What is the future of education? What would the ideal school look like? Will schools even exist in 100 years? 200 years? 1000?
The only reasonable answer must be somewhere close to “we don’t really know”.
However, if there was one thing, just one, we could change right now, some aspect that we can control, what might that be? Well, John Hattie has been researching this issue for some time with his now infamous meta-analyses of educational research. Here is the most updated list of effect sizes, in rank order. Leaving aside the technicalities and possible criticisms of the methodology, what conclusions can we draw from the latest ranking? To me, I walk way with one over-riding thought:
To unpack this a little, here are the mindsets we can control, right now, and know we are making a positive difference for student learning:
- We must believe we have the resources required to be as successful as we wish to be, even if sometimes we need to go digging for them.
- The first step to achievement, for ourselves and our students, is a ceaseless expectation of it.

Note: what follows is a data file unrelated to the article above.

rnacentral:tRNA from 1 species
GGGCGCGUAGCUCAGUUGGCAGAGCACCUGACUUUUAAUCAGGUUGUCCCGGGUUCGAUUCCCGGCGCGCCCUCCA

So, my one upgrade to school, today? Let’s relentlessly visualise and expect excellence. Let’s have a shared understanding that we hold ourselves accountable for this on a daily basis, and through this mindset, spread an expectation for excellence to our students, to our colleagues, to our school, beyond our schools. The corollary to this, of course, is the resilience to embrace imperfection. In fact, it’s perhaps why being brave enough to fail is so important – it gives us permission to hold exceptional expectations.
So, as I start to look to next year, I will ask everyone that will listen:
The belief alone, in the very possibility of achieving more, will be self-fulfilling.
Together, let’s look down, notice that we hold the key to the prison cell, fit it to the lock and turn.